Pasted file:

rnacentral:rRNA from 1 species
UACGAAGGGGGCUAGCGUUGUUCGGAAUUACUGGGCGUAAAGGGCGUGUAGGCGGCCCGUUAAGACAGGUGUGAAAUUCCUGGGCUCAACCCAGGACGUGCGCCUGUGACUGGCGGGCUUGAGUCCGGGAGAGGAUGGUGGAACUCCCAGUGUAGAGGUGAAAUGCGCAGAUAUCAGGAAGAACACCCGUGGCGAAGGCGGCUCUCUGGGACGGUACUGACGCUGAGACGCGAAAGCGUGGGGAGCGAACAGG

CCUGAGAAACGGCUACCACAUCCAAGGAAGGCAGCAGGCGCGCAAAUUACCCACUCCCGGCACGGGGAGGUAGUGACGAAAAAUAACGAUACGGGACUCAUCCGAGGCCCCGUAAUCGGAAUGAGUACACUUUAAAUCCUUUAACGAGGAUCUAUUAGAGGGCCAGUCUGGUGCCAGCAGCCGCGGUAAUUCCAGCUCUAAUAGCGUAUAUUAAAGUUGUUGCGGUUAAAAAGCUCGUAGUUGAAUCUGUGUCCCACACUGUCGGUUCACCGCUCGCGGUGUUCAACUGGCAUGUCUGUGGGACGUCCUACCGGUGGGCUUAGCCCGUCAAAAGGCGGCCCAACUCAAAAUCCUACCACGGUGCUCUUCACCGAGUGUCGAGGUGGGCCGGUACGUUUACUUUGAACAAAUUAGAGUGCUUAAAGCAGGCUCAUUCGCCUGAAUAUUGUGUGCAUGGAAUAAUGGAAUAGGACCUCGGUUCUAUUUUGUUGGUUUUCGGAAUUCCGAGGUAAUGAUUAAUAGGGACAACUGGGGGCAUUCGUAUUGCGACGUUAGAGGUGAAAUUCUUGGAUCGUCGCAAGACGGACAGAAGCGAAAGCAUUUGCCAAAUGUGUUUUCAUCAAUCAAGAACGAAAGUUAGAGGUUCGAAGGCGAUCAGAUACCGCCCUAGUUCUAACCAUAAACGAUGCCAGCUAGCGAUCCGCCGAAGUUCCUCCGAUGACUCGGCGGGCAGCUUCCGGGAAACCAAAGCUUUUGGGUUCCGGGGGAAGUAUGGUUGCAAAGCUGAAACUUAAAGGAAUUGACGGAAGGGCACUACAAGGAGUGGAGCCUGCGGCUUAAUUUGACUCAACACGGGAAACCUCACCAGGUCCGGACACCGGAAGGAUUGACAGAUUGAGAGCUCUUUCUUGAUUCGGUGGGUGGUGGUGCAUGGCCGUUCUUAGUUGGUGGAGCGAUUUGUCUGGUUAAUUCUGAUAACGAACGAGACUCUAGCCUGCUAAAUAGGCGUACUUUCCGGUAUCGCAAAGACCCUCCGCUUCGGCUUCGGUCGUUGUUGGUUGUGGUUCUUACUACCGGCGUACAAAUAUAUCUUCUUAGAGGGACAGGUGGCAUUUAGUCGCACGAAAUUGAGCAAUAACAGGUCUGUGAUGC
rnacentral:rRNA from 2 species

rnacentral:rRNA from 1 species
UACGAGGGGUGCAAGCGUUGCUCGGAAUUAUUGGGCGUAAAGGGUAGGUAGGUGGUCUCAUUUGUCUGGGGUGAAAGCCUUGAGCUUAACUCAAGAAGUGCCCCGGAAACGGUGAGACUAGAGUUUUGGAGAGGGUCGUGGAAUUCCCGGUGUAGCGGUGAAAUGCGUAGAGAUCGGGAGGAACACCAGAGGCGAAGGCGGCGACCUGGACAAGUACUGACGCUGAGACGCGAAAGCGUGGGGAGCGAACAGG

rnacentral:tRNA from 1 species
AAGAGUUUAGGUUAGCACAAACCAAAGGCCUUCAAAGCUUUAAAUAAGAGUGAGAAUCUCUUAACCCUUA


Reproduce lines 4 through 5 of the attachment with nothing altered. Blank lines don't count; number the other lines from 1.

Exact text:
rnacentral:rRNA from 2 species

rnacentral:rRNA from 1 species